Most jobs in wildlife, especially those that involve working hands on with wild animals, require that you have experience with wild animals of a variety of species. You’ll need experience feeding the animals, cleaning cages, and building habitats. Volunteering at a wildlife rehabilitation center, zoo, or other animal facility is a prime opportunity to gain this experience. And if you stand out as a volunteer, doors will open for you to a paid position. The key to advancing from volunteer to employee is to take your volunteer job seriously and treat it as if it were a paying position.
As a volunteer you will probably be given a regular weekly day and hours to work, such as Wednesdays from noon to five. Too many volunteers do not take these hours seriously and show up late or not at all. Show up five minutes early and stay five minutes late and your supervisors will notice. Show up every week for your scheduled shift on time and you will stand out amongst the other volunteers.
Call in Sick Only When Necessary
If you truly can’t make it to your shift, do call as soon as you can to let the staff know. Not showing up without notice can make it difficult for everything to get done that day because you were counted on to volunteer and do a share of the work. Just don’t call in sick on a regular basis. Good volunteer programs will fire volunteers that do not show up for their workday or call in sick too often.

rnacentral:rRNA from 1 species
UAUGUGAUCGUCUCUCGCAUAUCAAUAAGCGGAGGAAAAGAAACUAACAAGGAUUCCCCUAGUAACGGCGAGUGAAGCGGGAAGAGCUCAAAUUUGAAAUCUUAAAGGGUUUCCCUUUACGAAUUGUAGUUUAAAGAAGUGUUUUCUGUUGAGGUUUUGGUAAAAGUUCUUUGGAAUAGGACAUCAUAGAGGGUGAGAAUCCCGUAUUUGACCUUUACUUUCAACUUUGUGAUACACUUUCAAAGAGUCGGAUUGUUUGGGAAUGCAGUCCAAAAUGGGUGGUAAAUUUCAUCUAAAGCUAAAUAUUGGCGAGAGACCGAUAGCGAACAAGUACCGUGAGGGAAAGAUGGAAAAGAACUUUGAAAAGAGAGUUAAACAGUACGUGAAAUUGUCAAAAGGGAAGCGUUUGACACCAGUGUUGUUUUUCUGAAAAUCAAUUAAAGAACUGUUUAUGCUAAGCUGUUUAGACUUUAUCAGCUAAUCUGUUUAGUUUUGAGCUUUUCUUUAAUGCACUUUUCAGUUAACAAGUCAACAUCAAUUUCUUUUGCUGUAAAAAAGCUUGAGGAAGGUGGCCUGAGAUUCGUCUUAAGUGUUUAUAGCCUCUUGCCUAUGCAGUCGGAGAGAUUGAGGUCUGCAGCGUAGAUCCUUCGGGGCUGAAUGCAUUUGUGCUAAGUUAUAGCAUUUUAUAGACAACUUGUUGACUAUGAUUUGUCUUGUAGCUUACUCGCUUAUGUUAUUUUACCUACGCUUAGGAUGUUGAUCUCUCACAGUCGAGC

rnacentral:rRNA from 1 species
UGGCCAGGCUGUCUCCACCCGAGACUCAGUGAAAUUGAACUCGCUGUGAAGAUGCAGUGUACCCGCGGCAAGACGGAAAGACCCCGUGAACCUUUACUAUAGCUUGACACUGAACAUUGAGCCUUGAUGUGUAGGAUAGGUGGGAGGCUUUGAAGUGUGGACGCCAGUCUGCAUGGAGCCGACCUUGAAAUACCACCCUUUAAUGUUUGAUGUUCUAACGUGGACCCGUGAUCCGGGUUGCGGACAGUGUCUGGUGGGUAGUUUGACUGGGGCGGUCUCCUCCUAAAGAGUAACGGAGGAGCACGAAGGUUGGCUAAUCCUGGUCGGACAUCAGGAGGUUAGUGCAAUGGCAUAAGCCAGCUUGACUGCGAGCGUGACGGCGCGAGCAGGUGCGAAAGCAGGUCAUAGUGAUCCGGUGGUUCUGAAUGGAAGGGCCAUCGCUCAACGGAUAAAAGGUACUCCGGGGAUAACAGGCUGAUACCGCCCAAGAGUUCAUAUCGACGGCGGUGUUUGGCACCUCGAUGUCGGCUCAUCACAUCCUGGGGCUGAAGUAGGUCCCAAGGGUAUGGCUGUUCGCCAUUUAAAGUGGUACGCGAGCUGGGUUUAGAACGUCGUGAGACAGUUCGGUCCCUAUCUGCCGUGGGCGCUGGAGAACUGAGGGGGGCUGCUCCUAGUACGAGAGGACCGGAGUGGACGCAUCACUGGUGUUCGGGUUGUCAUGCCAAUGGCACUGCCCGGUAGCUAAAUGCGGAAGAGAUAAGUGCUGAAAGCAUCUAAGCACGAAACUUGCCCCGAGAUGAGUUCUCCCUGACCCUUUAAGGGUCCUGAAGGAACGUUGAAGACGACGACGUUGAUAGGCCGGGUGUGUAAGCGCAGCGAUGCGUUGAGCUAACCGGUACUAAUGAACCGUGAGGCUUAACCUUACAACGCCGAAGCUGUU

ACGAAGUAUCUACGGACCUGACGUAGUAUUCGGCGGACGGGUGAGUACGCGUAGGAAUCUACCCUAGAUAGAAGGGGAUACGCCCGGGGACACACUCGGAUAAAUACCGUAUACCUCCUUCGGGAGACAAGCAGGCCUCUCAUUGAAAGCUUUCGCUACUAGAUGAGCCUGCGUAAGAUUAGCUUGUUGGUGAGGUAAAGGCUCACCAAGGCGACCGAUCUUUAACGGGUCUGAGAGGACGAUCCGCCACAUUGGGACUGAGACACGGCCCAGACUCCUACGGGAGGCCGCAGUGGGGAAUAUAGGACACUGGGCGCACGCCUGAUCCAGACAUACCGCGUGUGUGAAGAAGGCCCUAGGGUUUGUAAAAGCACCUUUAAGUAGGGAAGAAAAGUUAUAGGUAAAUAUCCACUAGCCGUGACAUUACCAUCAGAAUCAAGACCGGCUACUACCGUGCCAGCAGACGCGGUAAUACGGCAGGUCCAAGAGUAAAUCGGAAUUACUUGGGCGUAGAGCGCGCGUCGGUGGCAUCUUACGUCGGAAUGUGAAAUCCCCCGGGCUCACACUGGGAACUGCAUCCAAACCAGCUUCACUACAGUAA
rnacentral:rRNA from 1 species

Your title may be that of volunteer, but you are there to work. Don’t think this is time you can spend slacking off or chatting with other volunteers. And you can expect the work to be grunt work when you first start. Like any other staff member, you have to start at the bottom and work your way up. But you will also be learning all aspects of animal care or how the organization works. From that you will learn that the grunt work, such as scrubbing cages or hauling dirt or pulling weeds, is part of everyone’s job no matter their position because the animal care, habitat preservation, or other mission of the organization comes first. If you don’t like scooping poop, pulling thistle, working in the hot sun, or maintaining trails now, then you may want to rethink your career goals. As a volunteer you are doing the same work that staff does. If you truly enjoy the work, and give 110% during your volunteer shift, you’ll have staff begging you to come more often.
If you’ve followed all this advice to be a stand out volunteer, then you will become a staff favorite. The downside to being one of the more reliable and hard working volunteers is that staff will want you to work more shifts, longer shifts, and take on more responsibility. Do so only if you can keep those commitments with the same enthusiasm and dedication that you’ve shown in the past. If you know you do not have the time to contribute more, do say so. You want to make a good impression, but don’t take on responsibilities you know you can’t live up to. This is a benefit of being a volunteer, you can say no and keep your job.
Organizations that have volunteer programs do so because they need extra help and cannot afford to hire more staff. If you want a career with wildlife, view your volunteer positions as if it were a paid position from day one. You can be certain that supervisors notice volunteers that go above and beyond. You can also be certain that giving anything less will also be noticed.